Jessica Bryce

Lessons from a 29 year old serial entrepreneur

Jessica Bryce takes us through what it's like to be 29 years old and super savvy when it comes to running successful online businesses.

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In the entrepreneurial world, age means very little, in fact sometimes it makes you more willing to take risks – sometimes good, and when they’re not, you dust it off and start again.

That’s the way it is for 29 year old serial business owner Jessica Bryce, who just two weeks ago was hospitalised after sustaining a nasty bite while treking the Kokoka Track in Papua New Guinea.

But this week, she’s back healthy and busy promoting her fourth business venture, bespoke nail polish company, Say It With Polish.

Jessica is smart and energetic. It’s not that she’s got the best ideas in business, although they are pretty good. Rather, it’s her financial savviness and business brains, which gives her confidence and the upper hand when deciding whether a business is worth her time, head space and money.

“As women, coming up with ideas isn’t the hard part, a lot of the time having the cash at the start isn’t hard either, but it’s about realising all the possibilities, putting down all the financials and figuring out what you need to be doing to make a profit that’s the challenge.”

Having started out her career as a banking analyst in the high pressure world of corporate mergers, she learnt early the importance of having a good business model and making sure the financials stack up.

Now, seven years on, she’s sold two successful online companies, and has just celebrated her first year as founder of Say It With Polish, and a public relations business JBPR.

Jess was just 22 years of age when she went through a business broker with her pilot boyfriend, and now husband Jarrod, to find an attractive online company which could provide passive income and provided flexibility – possibly for a family into the future.

That was EZdeals.com.au.

“I took out a loan with my boyfriend and we put in $40,000 each. We had only been dating 6 months.

“We doubled our money. But we wasted a lot too, on things that we didn’t need such as redesigning the website and the logo.”

One lesson she learned from that experience was practising a lean start-up model and not spending money on anything that wasn’t absolutely necessary.

“I soon realised that if you’ve got a good product, people will still buy from an ugly website.”

Ezdeals.com.au was sold just before the daily deals space imploded, so the timing was right.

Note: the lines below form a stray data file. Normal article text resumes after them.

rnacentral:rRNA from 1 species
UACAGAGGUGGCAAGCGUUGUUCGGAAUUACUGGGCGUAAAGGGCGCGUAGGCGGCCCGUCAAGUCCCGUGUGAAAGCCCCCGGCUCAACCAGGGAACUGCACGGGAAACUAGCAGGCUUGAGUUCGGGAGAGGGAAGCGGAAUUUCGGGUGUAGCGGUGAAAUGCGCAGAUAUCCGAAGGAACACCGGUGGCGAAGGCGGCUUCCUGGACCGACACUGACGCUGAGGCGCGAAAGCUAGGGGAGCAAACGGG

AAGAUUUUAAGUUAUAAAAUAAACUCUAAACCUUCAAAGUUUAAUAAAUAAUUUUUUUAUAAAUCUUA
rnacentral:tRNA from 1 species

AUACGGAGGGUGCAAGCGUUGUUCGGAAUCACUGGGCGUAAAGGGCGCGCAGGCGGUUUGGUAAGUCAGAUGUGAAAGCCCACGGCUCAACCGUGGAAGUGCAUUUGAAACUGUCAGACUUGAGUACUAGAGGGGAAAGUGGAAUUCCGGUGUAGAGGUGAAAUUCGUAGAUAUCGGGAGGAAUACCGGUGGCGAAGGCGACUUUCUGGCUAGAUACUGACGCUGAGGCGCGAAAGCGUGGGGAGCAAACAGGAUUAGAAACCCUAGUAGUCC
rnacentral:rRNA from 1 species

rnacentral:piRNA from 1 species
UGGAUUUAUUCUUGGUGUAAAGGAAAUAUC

She and Jarrod soon launched into their next venture The Escape Lounge, replicating the Ezdeals.com.au business model to focus on travel.

The business was a hit and grew fast, perhaps “too quickly” for Jess and 50% was later sold to ASX listed Disruptive Investment Group Limited and the owner of Check-in.com.au and was ultimately bought out.

These days, the 29 year old co-runs Say It With Polish, an online company that allows you to design your own nail polish and personalise the label.

And this time, her connection with the business is a little more emotional because she came up with the idea while trying to find the right gift for her bridesmaids.

Six months of researching, and all around planning her wedding was all it took for the business to get up and running.

“Two months after starting Say it With Polish, the business was turning a profit and after our initial investment,” she says.”

It’s a great position to be in, let alone when you are just starting out.

“As a starting point though, budget for the costs that are needed to get started, and then identify what you need to do to start making money.

“I think some people look at opportunities and think it will cost X to start it, but then they forget about all the ongoing costs after that.”

“My biggest advice to anyone starting out is to nut down on the financials. If you don’t have a business partner who has that expertise, then you need to invest in that advice.

“Talk to as many people as you can and ask for help. You’d be surprised by the opportunities for growth that come up by simply exploring new connections and collaborations.”

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